Sunday, February 24, 2008
Erik Davis on PKD
Erik Davis, author of Techgnosis, recently reposted "Technomancer," an article he wrote on PKD for the Village Voice in 1989 (when I was ditching class and smoking pot my senior year in high school, still tragically unaware of Philip K Dick's existence). In fact Vintage culled the now-ubikuitous blurb: "Dick was many authors: a poor man's Pynchon, an oracular postmodern, a rich prophet of the changing counterculture" from this very article.
What I'm struck by is the amount of insight and detail in Davis' write up. His column makes every single article in the recent spate of PKD coverage look a like pre-fab, cut and paste job containing only the most superficial of details. Davis shows what's possible when you let someone who knows Dick's irv and who cares about Dick's ideas write about his literary accomplishments.
"As far back as the ‘50s, Dick saw the dark, paranoid side of McLuhan’s global village. The animism that primitive humankind projected onto Nature was for him reborn in our technological environment, where ominous spiritual forces merged with the instruments of late capitalism. Dick’s machines are black jokes rather than believable imaginings..."
If Gopnik's article in The New Yorker had included even a single sentence with this kind of insight, this level of engagement with Philip K Dick and his ideas, perhaps we might have forgiven him for dragging PKD through the mud a bit. Philip K Dick was passionate about ideas, passionate about his writing, and desperate for readers willing to invest in his speculations and assume the mortality he depicted in his characters. Gopnik, et al, were satisfied with mere summary of Dick's life and work, but something more is needed if you really want to sell people on the worth of PKD's fiction; you need to plumb the depths a bit, come back from the novels with something to show for your effort if you expect others to make the journey.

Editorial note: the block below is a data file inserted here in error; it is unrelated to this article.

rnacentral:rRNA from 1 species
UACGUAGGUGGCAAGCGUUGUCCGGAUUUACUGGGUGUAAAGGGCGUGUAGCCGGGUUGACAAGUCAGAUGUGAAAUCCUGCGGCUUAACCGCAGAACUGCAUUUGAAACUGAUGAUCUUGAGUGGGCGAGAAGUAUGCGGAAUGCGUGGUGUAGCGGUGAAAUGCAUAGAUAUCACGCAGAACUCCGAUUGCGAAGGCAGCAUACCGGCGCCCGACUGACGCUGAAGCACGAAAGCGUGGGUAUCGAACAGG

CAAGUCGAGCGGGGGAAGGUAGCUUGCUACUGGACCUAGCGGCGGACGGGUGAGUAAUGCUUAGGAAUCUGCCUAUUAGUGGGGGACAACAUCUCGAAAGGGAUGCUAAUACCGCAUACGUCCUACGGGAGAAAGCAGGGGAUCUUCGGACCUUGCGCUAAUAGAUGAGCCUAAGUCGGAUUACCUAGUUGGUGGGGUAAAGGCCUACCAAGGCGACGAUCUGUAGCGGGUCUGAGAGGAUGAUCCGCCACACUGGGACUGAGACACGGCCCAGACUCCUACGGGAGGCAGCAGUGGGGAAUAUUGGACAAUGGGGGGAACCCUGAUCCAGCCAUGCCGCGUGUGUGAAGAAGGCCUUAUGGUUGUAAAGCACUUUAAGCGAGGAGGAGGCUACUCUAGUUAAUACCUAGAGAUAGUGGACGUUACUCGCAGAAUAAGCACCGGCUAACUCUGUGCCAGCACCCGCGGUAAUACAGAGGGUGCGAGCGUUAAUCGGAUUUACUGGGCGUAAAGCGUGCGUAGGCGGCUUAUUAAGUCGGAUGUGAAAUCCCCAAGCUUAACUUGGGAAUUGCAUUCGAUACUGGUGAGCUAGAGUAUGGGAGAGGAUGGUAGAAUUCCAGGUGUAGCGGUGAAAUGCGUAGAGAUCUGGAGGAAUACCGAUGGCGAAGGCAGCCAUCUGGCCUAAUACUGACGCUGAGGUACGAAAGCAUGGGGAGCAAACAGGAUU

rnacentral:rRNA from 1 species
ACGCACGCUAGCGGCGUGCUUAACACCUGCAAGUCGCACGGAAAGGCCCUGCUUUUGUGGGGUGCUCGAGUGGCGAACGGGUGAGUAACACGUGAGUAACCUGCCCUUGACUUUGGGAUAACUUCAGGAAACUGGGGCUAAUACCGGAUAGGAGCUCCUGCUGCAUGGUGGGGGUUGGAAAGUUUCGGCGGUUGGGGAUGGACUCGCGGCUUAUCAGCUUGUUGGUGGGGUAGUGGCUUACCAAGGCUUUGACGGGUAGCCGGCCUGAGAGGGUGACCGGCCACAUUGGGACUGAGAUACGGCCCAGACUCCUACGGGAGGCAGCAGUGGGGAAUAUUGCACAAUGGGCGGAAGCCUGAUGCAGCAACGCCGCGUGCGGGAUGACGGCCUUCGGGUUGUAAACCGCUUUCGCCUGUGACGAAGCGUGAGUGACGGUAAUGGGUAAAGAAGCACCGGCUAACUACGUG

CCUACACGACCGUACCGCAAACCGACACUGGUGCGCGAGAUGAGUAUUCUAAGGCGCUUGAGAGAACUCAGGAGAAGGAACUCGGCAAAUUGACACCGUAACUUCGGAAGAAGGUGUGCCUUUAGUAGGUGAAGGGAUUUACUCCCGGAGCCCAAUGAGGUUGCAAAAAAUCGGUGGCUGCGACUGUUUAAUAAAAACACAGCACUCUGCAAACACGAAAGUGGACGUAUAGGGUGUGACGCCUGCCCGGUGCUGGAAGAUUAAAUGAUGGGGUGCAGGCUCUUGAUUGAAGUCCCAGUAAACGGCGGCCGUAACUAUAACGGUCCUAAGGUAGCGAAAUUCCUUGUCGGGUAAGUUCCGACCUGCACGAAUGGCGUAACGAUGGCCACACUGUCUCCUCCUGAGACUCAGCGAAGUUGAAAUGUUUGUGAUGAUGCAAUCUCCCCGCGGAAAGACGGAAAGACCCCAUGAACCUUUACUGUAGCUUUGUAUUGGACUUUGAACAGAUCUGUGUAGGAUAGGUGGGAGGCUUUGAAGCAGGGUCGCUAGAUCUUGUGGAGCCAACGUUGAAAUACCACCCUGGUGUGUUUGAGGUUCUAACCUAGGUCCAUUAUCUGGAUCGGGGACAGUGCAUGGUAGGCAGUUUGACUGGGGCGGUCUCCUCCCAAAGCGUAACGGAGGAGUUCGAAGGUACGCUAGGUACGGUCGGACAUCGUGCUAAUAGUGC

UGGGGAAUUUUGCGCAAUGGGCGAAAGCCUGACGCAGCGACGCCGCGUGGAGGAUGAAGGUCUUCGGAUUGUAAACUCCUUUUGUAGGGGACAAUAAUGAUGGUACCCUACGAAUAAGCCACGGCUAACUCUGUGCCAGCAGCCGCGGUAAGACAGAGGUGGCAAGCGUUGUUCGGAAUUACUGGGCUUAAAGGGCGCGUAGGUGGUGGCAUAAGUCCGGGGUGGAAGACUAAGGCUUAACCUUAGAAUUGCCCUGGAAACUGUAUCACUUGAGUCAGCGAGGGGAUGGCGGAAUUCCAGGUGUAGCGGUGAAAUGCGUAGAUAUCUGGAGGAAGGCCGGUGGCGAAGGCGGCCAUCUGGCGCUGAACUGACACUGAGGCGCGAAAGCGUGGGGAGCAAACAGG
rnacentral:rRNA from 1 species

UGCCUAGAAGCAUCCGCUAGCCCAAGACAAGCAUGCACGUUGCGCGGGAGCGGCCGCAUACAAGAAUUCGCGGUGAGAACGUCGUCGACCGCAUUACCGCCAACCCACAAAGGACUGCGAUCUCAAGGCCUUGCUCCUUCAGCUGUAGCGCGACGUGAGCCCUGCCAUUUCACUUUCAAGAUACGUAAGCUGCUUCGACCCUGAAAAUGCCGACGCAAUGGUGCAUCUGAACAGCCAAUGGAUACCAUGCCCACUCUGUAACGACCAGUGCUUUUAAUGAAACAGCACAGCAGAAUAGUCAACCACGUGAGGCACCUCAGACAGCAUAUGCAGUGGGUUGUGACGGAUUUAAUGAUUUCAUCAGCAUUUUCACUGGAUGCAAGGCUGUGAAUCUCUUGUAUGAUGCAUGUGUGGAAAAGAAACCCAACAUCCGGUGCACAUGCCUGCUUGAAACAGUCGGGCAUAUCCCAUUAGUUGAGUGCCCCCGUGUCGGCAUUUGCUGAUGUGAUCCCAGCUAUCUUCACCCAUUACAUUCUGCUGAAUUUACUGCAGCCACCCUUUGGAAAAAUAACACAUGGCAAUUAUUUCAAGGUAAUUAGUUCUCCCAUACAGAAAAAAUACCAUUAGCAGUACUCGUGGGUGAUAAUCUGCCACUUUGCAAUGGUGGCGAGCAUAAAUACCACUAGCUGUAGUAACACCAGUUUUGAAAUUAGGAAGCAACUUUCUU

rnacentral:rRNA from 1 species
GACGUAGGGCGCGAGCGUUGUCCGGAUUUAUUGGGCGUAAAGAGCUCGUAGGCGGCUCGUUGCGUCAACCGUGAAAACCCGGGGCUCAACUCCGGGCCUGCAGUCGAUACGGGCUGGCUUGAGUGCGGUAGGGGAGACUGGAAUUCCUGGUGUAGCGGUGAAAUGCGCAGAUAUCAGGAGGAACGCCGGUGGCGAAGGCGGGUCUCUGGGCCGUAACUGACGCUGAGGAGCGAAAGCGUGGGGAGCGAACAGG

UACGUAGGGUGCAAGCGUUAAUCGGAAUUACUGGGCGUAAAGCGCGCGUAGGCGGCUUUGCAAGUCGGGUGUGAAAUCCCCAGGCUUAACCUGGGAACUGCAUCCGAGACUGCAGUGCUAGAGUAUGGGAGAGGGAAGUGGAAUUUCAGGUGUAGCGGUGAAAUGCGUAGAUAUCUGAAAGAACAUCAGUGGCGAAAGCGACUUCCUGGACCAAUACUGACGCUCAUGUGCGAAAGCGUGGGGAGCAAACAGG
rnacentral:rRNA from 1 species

"Dick was a narrative trickster, a master mindfucker. He pulled the whodunit inside out: Decoding small meaningful details doesn’t put the picture together so much as rip it apart. By twisting the page-turning groove of pulp into a Möbius strip, Dick attempted to undermine the political, social, technological, and psychic structures of “reality.” He wanted a pulp guerilla ontology that deconstructed everyone’s power trip—Nixon’s, IBM’s, God’s, the author’s."
It's clear to me that many of those pre-fab PKD articles used Davis' write up as a kind of template, a set of talking points they would address in their own articles, but for Davis, PKD isn't merely a notable personality, his books serve as a searchlight for Davis' own explorations of reality or the lack thereof. This crucial difference drives home the power of the Internet, where we can find passionate guides for all of our own searches, rather than the paid, staid, and marketed efforts of "professionals" who cover our obsessions with token interest, and who are, ultimately, mere spectators here.
Read the rest of Davis' article. I promise, you won't be disappointed. The really exciting news is that Erik Davis is currently hard at work on a book-length examination of Dick's life and fiction. Both Jonathan Lethem and I feel that Erik is uniquely positioned to write one of the most important books about PKD ever, and after you read the rest of the article I think you'll agree.